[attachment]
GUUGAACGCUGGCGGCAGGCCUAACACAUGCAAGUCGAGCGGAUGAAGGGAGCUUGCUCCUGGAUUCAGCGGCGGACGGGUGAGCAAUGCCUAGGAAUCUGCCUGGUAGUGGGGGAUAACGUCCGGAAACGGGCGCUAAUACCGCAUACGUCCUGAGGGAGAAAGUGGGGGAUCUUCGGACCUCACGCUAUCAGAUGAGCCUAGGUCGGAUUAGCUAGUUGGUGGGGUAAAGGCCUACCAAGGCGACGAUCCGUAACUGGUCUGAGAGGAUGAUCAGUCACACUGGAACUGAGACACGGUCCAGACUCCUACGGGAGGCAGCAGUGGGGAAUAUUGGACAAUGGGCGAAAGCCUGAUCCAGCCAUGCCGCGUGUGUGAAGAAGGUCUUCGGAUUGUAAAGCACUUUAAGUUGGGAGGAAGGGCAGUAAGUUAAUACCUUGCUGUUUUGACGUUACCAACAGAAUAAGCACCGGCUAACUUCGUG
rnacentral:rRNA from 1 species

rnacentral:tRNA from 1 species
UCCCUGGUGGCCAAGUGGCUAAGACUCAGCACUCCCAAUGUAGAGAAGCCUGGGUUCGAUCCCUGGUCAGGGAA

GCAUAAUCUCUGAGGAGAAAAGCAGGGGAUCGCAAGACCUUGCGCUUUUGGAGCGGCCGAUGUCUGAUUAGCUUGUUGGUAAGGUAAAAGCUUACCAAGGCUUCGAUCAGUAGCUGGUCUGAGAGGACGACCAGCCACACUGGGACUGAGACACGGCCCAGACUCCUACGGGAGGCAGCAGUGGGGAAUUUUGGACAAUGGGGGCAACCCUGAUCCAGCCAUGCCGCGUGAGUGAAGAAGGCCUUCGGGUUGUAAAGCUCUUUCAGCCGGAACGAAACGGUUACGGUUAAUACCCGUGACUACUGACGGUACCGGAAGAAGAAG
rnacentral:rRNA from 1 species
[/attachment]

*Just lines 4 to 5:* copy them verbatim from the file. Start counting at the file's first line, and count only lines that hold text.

UCCCUGGUGGCCAAGUGGCUAAGACUCAGCACUCCCAAUGUAGAGAAGCCUGGGUUCGAUCCCUGGUCAGGGAA

GCAUAAUCUCUGAGGAGAAAAGCAGGGGAUCGCAAGACCUUGCGCUUUUGGAGCGGCCGAUGUCUGAUUAGCUUGUUGGUAAGGUAAAAGCUUACCAAGGCUUCGAUCAGUAGCUGGUCUGAGAGGACGACCAGCCACACUGGGACUGAGACACGGCCCAGACUCCUACGGGAGGCAGCAGUGGGGAAUUUUGGACAAUGGGGGCAACCCUGAUCCAGCCAUGCCGCGUGAGUGAAGAAGGCCUUCGGGUUGUAAAGCUCUUUCAGCCGGAACGAAACGGUUACGGUUAAUACCCGUGACUACUGACGGUACCGGAAGAAGAAG